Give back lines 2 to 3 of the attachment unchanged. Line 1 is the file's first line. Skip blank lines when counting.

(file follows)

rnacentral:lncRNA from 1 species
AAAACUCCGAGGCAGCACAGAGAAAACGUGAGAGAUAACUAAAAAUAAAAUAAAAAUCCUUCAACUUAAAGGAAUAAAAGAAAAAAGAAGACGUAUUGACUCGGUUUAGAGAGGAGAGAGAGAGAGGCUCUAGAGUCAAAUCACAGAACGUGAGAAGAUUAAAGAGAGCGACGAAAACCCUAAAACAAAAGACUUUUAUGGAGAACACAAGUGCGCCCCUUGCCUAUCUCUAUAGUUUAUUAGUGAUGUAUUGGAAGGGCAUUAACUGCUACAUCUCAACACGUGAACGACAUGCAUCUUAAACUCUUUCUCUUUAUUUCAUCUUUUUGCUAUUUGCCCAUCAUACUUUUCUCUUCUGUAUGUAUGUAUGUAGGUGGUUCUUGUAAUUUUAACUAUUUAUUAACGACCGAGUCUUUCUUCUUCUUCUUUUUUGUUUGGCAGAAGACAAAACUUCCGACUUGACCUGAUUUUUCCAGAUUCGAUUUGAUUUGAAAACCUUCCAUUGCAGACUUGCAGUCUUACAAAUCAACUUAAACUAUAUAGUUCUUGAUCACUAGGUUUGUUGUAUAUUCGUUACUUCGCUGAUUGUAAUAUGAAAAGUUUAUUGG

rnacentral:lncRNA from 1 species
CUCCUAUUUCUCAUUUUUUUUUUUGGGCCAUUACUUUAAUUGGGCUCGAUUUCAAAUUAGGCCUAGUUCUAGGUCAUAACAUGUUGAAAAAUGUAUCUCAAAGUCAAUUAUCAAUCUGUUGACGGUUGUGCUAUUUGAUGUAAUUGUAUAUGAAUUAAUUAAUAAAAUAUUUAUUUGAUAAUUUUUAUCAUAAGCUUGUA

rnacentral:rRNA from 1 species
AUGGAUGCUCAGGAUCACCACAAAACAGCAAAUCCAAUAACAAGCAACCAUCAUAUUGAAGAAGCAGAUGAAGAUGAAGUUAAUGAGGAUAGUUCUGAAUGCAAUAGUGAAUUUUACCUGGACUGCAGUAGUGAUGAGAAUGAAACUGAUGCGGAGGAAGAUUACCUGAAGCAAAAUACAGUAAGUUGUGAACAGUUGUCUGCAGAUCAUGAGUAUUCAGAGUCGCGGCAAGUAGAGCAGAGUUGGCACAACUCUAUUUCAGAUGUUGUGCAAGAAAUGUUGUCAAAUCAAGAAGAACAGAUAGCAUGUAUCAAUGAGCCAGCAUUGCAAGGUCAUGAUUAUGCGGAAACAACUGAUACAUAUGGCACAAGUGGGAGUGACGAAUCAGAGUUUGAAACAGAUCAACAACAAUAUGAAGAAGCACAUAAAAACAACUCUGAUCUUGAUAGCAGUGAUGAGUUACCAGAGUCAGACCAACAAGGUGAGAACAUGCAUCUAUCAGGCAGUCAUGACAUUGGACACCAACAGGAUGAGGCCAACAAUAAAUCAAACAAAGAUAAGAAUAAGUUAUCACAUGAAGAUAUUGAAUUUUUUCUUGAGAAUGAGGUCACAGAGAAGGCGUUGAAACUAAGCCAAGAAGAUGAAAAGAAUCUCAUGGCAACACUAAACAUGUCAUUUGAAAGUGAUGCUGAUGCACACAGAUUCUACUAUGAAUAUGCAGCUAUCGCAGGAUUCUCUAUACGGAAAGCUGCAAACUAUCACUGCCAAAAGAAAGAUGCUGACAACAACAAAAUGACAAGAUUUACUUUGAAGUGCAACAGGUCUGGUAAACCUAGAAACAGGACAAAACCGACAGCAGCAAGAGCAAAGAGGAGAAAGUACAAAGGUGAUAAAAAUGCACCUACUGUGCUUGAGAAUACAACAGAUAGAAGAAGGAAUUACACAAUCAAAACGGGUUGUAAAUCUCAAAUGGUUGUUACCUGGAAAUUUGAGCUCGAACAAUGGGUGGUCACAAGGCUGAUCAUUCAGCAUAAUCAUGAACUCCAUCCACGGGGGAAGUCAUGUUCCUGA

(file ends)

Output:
AAAACUCCGAGGCAGCACAGAGAAAACGUGAGAGAUAACUAAAAAUAAAAUAAAAAUCCUUCAACUUAAAGGAAUAAAAGAAAAAAGAAGACGUAUUGACUCGGUUUAGAGAGGAGAGAGAGAGAGGCUCUAGAGUCAAAUCACAGAACGUGAGAAGAUUAAAGAGAGCGACGAAAACCCUAAAACAAAAGACUUUUAUGGAGAACACAAGUGCGCCCCUUGCCUAUCUCUAUAGUUUAUUAGUGAUGUAUUGGAAGGGCAUUAACUGCUACAUCUCAACACGUGAACGACAUGCAUCUUAAACUCUUUCUCUUUAUUUCAUCUUUUUGCUAUUUGCCCAUCAUACUUUUCUCUUCUGUAUGUAUGUAUGUAGGUGGUUCUUGUAAUUUUAACUAUUUAUUAACGACCGAGUCUUUCUUCUUCUUCUUUUUUGUUUGGCAGAAGACAAAACUUCCGACUUGACCUGAUUUUUCCAGAUUCGAUUUGAUUUGAAAACCUUCCAUUGCAGACUUGCAGUCUUACAAAUCAACUUAAACUAUAUAGUUCUUGAUCACUAGGUUUGUUGUAUAUUCGUUACUUCGCUGAUUGUAAUAUGAAAAGUUUAUUGG

rnacentral:lncRNA from 1 species